Rooftop amenities that don’t stand out are usually missing an element of fun. They fail to use space for a wide variety of activities and never become a part of an individual resident’s routine. Because they lack liveliness and social interaction, they simply aren’t fun enough to be compelling.
But, your next rooftop amenity can easily avoid these pitfalls with an immersive experience design approach. Make your rooftop amenity fun and people will have a hard time staying away from it, yourself included.
What’s Keeping Your Rooftop Amenities from Being Fun?
Tables and chairs, sofa lounge seating, and ample greenery. These are all things that make a rooftop amenity space more usable and comfortable. But while they’re all expected, functional components, they won’t make a rooftop amenity space stand out.
As we’ve visited countless rooftops for observation, content creation, and tours we have come to a striking realization. Many rooftop spaces just aren’t fun enough. Not fun in a cheesy cruise ship sort of way, but entertaining and engaging enough to keep people using the space for an extended period of time.
Too often outdoor spaces don’t have a reason for residents to spend time in them — apart from getting some fresh air and scenic views. But, outdoor spaces (especially rooftop amenities) have huge potential to be the most used amenity on your entire property.
Consider these three questions when evaluating the fun level of your rooftop amenity design:
1. How are you optimizing the rooftop space?
Generally speaking, rooftop amenities are small spaces. Building occupancy limits, unit configurations, and even cost all place limits on the square footage. With such a premium on the actual space you have to work with, it becomes even more important not to waste space or miss opportunities to derive more value.
Single-use program elements or a large amount of the same detract from the sense of activity and liveliness on a rooftop. Imagine dozens of lounge areas with sofa seating and that’s it. For a lot of activity on your rooftop, you need a lot of activities. For example, design a poolside cabana to function as a lounge area for weekend swimmers and as a work pod for early morning remote meetings. Make it viable as a lunch spot for friends and an evening hangout for drinks and catching up on sports highlights on the TV.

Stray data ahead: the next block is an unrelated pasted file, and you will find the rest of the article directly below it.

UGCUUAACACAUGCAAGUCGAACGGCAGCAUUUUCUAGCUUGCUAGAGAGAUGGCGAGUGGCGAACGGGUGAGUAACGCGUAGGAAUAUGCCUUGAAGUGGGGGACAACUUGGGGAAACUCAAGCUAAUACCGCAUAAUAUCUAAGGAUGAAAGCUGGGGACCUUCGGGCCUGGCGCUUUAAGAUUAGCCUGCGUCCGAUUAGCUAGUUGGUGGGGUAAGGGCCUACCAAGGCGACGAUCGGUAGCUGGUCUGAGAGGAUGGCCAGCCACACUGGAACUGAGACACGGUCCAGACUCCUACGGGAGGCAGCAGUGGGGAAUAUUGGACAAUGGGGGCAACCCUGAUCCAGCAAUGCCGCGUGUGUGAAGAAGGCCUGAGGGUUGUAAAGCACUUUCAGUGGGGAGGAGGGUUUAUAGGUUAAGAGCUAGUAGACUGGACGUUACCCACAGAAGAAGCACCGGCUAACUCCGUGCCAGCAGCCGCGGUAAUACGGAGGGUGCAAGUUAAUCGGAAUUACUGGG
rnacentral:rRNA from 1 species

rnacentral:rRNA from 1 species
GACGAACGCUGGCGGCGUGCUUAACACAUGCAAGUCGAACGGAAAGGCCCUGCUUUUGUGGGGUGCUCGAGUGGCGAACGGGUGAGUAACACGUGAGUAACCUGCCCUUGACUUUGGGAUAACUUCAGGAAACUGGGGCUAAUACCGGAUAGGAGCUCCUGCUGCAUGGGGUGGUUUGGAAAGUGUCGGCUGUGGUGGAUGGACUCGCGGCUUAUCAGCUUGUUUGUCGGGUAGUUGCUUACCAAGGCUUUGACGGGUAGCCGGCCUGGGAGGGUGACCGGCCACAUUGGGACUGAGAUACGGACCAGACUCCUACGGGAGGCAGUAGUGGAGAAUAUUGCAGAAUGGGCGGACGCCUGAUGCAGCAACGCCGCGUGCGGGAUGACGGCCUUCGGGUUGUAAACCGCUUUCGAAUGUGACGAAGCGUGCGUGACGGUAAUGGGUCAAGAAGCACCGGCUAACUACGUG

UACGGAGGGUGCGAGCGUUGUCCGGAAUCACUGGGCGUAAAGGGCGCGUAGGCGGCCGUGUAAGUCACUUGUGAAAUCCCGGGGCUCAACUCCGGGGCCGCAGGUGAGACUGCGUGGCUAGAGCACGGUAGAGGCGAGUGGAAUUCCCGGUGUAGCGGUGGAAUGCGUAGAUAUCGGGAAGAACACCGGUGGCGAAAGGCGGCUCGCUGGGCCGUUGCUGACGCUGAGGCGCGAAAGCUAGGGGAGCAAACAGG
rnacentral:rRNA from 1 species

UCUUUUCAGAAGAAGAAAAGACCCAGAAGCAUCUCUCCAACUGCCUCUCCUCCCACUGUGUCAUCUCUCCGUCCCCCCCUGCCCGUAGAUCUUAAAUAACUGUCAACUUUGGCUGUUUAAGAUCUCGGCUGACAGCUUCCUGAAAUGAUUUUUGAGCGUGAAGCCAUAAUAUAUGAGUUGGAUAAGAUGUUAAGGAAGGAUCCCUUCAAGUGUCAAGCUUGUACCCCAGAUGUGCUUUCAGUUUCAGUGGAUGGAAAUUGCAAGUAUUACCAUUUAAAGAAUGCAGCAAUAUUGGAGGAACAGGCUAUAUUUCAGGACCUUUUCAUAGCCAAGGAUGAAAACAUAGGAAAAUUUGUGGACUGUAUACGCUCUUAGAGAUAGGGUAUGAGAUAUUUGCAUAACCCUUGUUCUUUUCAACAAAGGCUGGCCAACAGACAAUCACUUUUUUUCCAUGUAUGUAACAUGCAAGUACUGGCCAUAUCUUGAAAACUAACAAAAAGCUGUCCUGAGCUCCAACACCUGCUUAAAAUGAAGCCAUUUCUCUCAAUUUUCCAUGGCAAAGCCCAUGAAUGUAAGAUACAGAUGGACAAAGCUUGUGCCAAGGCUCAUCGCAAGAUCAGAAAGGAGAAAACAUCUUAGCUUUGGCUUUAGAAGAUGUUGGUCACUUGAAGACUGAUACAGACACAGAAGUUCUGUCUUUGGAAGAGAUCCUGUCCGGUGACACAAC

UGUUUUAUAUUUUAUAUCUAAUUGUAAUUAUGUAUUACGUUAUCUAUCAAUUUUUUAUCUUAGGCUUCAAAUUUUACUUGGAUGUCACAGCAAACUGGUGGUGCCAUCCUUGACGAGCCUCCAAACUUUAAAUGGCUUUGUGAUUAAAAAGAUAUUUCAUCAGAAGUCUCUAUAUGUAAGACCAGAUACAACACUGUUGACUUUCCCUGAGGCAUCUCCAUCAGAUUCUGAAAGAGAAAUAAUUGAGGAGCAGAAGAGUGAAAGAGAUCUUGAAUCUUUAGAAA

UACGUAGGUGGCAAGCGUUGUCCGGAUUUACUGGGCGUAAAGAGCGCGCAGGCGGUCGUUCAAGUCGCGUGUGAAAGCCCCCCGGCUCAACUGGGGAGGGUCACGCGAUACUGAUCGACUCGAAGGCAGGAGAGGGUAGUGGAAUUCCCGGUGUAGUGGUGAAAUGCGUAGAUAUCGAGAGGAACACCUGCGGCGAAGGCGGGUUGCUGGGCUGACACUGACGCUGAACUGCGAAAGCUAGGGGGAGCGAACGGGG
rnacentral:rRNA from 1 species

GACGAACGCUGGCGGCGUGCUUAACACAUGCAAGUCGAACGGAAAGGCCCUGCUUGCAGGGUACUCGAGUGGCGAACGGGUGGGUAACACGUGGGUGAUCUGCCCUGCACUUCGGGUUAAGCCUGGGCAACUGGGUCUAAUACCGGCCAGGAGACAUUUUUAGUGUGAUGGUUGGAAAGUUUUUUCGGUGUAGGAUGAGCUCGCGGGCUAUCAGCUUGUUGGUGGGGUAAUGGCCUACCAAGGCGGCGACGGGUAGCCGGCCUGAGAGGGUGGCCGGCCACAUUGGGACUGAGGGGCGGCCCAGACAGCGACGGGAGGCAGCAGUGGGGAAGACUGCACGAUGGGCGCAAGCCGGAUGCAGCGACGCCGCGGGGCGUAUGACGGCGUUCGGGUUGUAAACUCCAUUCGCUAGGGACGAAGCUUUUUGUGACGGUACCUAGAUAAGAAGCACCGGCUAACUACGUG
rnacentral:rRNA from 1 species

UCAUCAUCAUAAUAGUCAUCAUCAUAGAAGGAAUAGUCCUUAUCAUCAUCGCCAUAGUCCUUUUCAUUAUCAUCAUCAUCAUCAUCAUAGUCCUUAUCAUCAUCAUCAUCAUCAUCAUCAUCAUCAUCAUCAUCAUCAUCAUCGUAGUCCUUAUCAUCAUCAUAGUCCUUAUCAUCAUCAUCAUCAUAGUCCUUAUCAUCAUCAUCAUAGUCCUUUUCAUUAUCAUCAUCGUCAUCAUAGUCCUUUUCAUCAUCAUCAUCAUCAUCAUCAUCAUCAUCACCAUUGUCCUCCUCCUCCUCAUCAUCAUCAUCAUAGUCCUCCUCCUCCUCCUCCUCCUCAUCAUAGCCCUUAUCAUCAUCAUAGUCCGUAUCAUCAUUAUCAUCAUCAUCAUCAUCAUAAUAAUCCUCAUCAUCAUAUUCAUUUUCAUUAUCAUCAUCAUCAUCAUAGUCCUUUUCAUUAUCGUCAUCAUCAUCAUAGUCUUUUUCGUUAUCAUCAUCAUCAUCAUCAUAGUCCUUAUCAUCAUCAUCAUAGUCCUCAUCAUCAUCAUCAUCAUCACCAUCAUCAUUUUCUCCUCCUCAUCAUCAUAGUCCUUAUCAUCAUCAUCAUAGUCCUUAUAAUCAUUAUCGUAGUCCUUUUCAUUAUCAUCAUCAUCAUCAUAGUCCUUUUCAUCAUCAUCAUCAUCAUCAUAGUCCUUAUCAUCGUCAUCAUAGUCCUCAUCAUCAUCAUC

2. How do you make the space available for a more diverse range of activities?
Don’t leave your rooftop amenity to live or die by whether or not it has a space to play cornhole, or whatever you deem to be the latest, most popular trend. Instead, make the space inviting and compelling enough that many people will find something that they would like to do. Then residents will be willing to engage with any amenity or feature.
Let’s go back to cornhole. Very few people would consider themselves a cornhole enthusiast. And even if they were, they’re already likely to have a place and group of people to play with. Likewise, your avid swimmers are more likely to go to the aquatic center for a lap swim than they are to use the pool on your property.
But, what outdoor games offer — from ping pong to life size chess — is novelty and encouraging more interaction. They provide a casual and fun way for residents to interact and get to know their neighbors. While it can be awkward to approach someone sitting alone and reading in a cabana, it’s a lot more natural to invite a passerby to join in a game of spike ball.
The more diverse the activities at your rooftop, the less it feels like you have to be a pro to take part in them. In other words, if the only activity you offer is cornhole, residents who don’t find the game appealing are unlikely to spend a lot of time using your rooftop amenity. People will engage with the activities and each other for fun, because it is there. Don’t make it feel like your rooftop is dedicated to one thing, be it grilling, swimming, or bocce.
3. How much of a person’s day-to-day life can you capture on a rooftop space?
Fight the perception of people who don’t want to live in your apartment building because they think there’s no way to meet people. You know that spending more time in the common areas with other people increases the ability to make friends — much more than staying holed up in their apartment.
Hosting community events on the rooftop is an excellent way to provide opportunities for residents to meet each other. But, these only happen occasionally. You can leverage your rooftop as a social gathering space every day if residents are visiting it that often. Think of your residents’ typical day. What does it look like? What are the things they have to do? What are the things that they want to do every day?
At 4th West, for example, the rooftop gym is located in such a way that residents have to walk through the outdoor rooftop amenities to get there. For anyone who uses the gym regularly it’s a constant reminder that the rooftop amenities are there. It makes it increasingly likely for them to casually run into friends and neighbors on their way to and from the gym.
Designing Fun Rooftop Amenities
You shouldn’t have to spend hundreds of thousands of dollars more to make your rooftop amenities more exciting. Often, it’s just a matter of getting the theme and program right in the early stages of design.